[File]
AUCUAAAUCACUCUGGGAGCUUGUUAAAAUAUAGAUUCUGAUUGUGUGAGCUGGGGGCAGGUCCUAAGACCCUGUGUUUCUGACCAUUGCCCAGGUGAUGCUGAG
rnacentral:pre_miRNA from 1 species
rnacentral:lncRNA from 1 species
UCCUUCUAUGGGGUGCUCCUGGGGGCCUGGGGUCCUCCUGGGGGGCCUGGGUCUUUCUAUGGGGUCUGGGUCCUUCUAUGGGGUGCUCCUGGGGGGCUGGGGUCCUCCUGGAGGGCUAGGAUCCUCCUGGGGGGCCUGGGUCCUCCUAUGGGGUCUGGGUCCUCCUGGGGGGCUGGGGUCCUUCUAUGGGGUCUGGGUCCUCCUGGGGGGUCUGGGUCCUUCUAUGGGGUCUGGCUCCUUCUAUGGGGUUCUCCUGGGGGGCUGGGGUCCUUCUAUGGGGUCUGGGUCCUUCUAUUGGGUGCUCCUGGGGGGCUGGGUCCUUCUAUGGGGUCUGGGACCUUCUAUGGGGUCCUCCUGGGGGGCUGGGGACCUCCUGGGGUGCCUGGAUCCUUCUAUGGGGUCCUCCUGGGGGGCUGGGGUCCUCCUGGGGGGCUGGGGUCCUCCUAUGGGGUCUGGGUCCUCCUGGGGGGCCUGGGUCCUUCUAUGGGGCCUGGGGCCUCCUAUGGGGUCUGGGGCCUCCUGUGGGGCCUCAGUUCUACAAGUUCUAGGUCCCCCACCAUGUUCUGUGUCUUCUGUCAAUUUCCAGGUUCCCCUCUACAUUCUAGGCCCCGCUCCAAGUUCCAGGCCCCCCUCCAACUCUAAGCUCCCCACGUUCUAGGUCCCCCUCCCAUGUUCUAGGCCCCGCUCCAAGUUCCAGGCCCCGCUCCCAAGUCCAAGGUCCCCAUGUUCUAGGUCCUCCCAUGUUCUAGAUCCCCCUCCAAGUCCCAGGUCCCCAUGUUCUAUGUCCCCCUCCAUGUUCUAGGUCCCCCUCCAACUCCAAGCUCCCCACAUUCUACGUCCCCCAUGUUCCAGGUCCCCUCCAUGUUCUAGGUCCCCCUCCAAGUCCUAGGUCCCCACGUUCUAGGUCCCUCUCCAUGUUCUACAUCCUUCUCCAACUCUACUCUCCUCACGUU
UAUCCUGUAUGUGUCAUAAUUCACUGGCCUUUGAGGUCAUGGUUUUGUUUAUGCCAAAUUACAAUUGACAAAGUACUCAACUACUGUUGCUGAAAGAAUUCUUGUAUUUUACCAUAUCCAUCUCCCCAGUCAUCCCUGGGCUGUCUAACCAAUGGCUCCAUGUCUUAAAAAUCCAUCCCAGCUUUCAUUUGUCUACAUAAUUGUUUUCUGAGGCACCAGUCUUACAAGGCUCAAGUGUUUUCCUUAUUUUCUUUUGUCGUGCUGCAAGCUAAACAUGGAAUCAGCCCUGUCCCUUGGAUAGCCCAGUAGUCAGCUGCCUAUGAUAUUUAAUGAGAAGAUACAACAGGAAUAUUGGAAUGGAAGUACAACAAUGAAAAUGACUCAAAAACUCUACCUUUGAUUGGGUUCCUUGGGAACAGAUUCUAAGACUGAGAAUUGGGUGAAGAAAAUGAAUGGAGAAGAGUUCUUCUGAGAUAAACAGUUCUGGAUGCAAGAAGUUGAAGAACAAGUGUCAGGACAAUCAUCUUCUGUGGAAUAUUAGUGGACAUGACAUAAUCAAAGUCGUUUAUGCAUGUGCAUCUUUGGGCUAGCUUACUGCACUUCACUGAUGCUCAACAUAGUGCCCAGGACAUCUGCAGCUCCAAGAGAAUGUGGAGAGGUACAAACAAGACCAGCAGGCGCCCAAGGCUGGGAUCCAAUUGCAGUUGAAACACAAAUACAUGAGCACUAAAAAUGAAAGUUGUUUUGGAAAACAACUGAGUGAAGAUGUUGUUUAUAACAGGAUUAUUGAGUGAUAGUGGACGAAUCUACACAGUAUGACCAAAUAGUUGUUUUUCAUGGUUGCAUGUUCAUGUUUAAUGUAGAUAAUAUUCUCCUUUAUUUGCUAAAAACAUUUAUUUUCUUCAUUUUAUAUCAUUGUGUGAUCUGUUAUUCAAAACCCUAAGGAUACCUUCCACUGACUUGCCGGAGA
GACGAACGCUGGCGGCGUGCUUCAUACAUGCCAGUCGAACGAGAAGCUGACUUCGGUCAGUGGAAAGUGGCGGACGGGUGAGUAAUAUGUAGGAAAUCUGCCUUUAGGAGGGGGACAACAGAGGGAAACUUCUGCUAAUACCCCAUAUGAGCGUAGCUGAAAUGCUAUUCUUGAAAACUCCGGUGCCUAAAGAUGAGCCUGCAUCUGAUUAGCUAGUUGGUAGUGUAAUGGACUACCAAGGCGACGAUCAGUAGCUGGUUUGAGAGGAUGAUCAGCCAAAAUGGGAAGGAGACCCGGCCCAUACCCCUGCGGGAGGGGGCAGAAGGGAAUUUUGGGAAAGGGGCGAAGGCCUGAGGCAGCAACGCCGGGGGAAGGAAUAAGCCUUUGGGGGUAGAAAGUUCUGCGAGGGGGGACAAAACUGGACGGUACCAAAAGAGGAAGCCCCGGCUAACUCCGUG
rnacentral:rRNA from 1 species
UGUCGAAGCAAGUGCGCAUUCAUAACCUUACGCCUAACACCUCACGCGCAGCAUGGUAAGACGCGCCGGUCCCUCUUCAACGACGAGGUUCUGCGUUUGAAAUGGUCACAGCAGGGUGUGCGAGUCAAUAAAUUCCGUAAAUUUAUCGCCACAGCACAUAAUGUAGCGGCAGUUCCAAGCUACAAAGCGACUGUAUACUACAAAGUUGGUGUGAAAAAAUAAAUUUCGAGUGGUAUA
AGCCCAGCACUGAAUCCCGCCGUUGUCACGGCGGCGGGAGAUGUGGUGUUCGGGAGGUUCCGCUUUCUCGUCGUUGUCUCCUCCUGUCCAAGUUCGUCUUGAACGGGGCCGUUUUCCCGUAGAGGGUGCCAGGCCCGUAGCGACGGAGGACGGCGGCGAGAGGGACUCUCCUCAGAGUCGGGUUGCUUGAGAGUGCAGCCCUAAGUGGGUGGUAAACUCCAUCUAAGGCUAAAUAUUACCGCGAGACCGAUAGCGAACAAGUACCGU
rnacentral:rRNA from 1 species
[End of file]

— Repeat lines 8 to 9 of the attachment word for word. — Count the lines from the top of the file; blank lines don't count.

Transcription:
UGUCGAAGCAAGUGCGCAUUCAUAACCUUACGCCUAACACCUCACGCGCAGCAUGGUAAGACGCGCCGGUCCCUCUUCAACGACGAGGUUCUGCGUUUGAAAUGGUCACAGCAGGGUGUGCGAGUCAAUAAAUUCCGUAAAUUUAUCGCCACAGCACAUAAUGUAGCGGCAGUUCCAAGCUACAAAGCGACUGUAUACUACAAAGUUGGUGUGAAAAAAUAAAUUUCGAGUGGUAUA
AGCCCAGCACUGAAUCCCGCCGUUGUCACGGCGGCGGGAGAUGUGGUGUUCGGGAGGUUCCGCUUUCUCGUCGUUGUCUCCUCCUGUCCAAGUUCGUCUUGAACGGGGCCGUUUUCCCGUAGAGGGUGCCAGGCCCGUAGCGACGGAGGACGGCGGCGAGAGGGACUCUCCUCAGAGUCGGGUUGCUUGAGAGUGCAGCCCUAAGUGGGUGGUAAACUCCAUCUAAGGCUAAAUAUUACCGCGAGACCGAUAGCGAACAAGUACCGU